On December 27, the Montreal Gazette printed Fasten your seat belts as airlines up ante1, an account of the state of current competition in the Canadian airline.
Bombardier Aerospace has a lot at stake. Air Canada is looking to replace its single aisle planes and Bombardier is pulling for its CSeries jets to feature in Air Canada’s purchase plans. Air Canada will decide on the aircraft of choice in about six months and will deal a blow to Bombardier if the company can’t sell its new jet, almost six years and billions of dollars in the making, in the place where it is assembled. Enter Porter Airlines.
Porter Airlines’ conditional order for 30 jets, 12 firm orders and 18 options, is due to expire in a few days since city council has yet to vote on allowing jets at the island airport. However, Porter spokesperson Brad Cicero wasn’t saying if the deadline had been extended. It’s a far stretch to believe that the deadline won’t be extended; otherwise, why is the Porter jet request of city council still in play?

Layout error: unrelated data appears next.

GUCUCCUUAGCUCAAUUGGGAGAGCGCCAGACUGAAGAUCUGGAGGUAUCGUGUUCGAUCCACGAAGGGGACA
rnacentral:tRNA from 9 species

So, the scene is set to play out at council in less than five weeks. A ‘no’ vote likely punches a hole in any momentum Bombardier hopes to gain in order to convince Air Canada to buy in. If there is any doubt about the pressure on council to make the right corporate decision, consider the words of Bombardier president Pierre Beaudoin who stated, “I think the CSeries would be a great demonstrator (of it short-runway attributes), like Bob Deluce did with the Q400.”
If Councillor Augimeri’s experience with the Bombardier employees who work in her ward is anything to go by, the push for her to vote for jets is overwhelming. Reports say that not only will the union not work on her campaign, its members will actively work against her.